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American Young Voices brings a new kind of music education to the U.S.

November 8, 2016
Including Fairfax’s EagleBank Arena on June 2, 2017

Register at 

After an extremely successful introduction in the United States in 2015, the Young Voices musical education program is returning for a series of concerts this spring. Now in coordination with the National Association for Music Education (NAFME), American Young Voices is bringing a new and unique music experience to students in select cities in the Northeast, including Fairfax’s EagleBank Arena on June 2, 2017.

American Young Voices is not a competition, but an all-inclusive educational program designed to engage and unite children in grades 2 through 8 from all backgrounds to realize the power of music. Teachers spend months preparing their students during their choral or general music classes for the main event. Students work from a music education curriculum based on the National Core Music Standards supported by NAFME authored lesson plans, and the engaging repertoire features choral standards from classical to contemporary music that is fun and accessible to students. In addition to strengthening students’ skill sets in vocal range, diction, music literacy, as well as other musical elements that enhance student learning, the non-competitive nature of American Young Voices aligns with the evidence of music education supporting students’ developing 21st century skills: self-reflection, communication, collaboration, creativity and innovation.

With more than 20,000 students expected to participate in 2017, this program brings communities together at a time when school programming for the arts and music education in general is often at risk for reduction or elimination due to lack of funding. Together, the students will sing with a live band in a professional setting to a packed audience of friends and family. World-renowned conductor Francisco J. Núñez, the founder and artistic director of the Young People’s Chorus of New York City, will lead the choir for the third straight year.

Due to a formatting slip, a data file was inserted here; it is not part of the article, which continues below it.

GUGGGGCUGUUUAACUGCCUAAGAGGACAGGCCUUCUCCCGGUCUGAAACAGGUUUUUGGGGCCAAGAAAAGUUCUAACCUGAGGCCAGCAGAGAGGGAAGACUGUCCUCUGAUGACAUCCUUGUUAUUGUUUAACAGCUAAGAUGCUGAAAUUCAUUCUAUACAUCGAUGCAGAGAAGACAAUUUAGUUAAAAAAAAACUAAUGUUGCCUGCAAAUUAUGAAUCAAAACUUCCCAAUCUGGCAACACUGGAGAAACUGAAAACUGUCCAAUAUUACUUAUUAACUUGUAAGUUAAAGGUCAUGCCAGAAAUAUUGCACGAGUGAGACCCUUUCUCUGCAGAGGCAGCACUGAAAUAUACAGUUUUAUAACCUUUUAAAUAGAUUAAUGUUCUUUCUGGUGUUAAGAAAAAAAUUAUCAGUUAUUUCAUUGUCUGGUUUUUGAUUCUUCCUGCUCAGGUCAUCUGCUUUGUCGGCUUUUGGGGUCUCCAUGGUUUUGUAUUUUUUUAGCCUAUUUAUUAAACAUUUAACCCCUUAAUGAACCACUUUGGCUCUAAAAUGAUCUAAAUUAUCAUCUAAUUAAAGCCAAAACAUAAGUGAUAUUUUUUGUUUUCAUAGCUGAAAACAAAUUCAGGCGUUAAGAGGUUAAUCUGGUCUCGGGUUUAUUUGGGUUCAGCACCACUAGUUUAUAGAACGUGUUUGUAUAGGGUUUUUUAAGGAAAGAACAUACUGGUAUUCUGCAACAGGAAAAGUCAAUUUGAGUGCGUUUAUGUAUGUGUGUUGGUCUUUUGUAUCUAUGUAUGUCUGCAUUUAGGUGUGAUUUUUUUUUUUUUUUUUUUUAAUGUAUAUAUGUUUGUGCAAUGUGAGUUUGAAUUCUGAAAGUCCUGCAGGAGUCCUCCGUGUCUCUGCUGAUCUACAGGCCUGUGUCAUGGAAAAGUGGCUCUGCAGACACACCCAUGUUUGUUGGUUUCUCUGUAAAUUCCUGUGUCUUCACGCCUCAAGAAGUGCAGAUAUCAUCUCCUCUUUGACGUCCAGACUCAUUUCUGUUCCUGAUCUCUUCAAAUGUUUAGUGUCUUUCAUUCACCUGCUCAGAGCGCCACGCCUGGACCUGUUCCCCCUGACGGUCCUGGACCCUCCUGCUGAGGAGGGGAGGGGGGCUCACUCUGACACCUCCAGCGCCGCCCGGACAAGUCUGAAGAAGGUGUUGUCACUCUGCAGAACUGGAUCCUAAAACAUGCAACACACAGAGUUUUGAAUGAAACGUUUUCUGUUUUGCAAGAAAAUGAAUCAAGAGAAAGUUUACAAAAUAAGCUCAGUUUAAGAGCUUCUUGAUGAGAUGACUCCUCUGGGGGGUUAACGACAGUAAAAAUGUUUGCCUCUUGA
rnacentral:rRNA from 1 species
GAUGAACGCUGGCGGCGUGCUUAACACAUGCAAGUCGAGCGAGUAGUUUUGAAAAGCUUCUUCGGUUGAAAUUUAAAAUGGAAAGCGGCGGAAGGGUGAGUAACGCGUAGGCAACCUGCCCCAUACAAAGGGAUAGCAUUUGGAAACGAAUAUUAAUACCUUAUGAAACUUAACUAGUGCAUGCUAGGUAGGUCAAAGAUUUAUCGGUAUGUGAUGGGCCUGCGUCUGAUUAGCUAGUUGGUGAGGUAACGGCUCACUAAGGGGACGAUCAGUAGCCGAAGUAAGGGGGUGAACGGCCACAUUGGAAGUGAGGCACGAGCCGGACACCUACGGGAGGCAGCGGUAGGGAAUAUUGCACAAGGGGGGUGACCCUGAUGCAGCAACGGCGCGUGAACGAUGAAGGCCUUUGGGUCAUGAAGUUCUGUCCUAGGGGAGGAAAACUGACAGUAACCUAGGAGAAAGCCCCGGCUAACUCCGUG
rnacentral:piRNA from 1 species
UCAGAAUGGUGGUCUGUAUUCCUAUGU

“It’s really amazing to see Young Voices thrive in the U.S.,” says Managing Director of American Young Voices, Ben Lewis. “We’ve seen children from all over the world develop a new love of music through this program. We’re very excited to continue growing and expanding across America.”

Conductor Francisco J. Núñez says, “I have seen first-hand the immense impact this American Young Voices phenomenon is having on children, parents, schools, and communities.  It gives so many children the opportunity to come together to sing…each child surrounded by thousands of other children like themselves, all singing as one voice. The music the child learn for this occasion—from every genre and to all rhythms—is a catalyst for a love of music that will last throughout every child’s lifetime. The children leave energized with pride in what they have accomplished with the incentive to learn more.”

Young Voices, which began over 20 years ago in the U.K., supplements participating schools’ music education curriculum based on the National Core Music Standards. Teachers are provided with teaching aims and objectives in inquiry-based format, all materials including scores and recordings, as well as other resources and support for their music programs. Music is chosen to be fun and accessible to students of various age groups, backgrounds and abilities, from classrooms to general music classes to choral ensembles. The music is specially arranged to engage and inspire students’ personal successes, increase team building and build a diverse skill set of listening skills and overall appreciation of the arts.

For information on how to attend this year’s concert and get local students involved in the 2017 event, please visit

About Young Voices       

The program began in Cardiff, Wales in 1992 when Young Voices founder David Lewis set out to stage the world’s largest all-male choir in concert history, which earned a place in the Guinness Book of World Records. The success of the show inspired Lewis to put on other concerts and in 1995, he started to receive letters and phone calls from children asking why there were no choir events for young people. In response, Lewis agreed to stage a series of children’s concerts. Now 20 years later, more than 1 million students have participated in sold-out Young Voices concerts across the UK.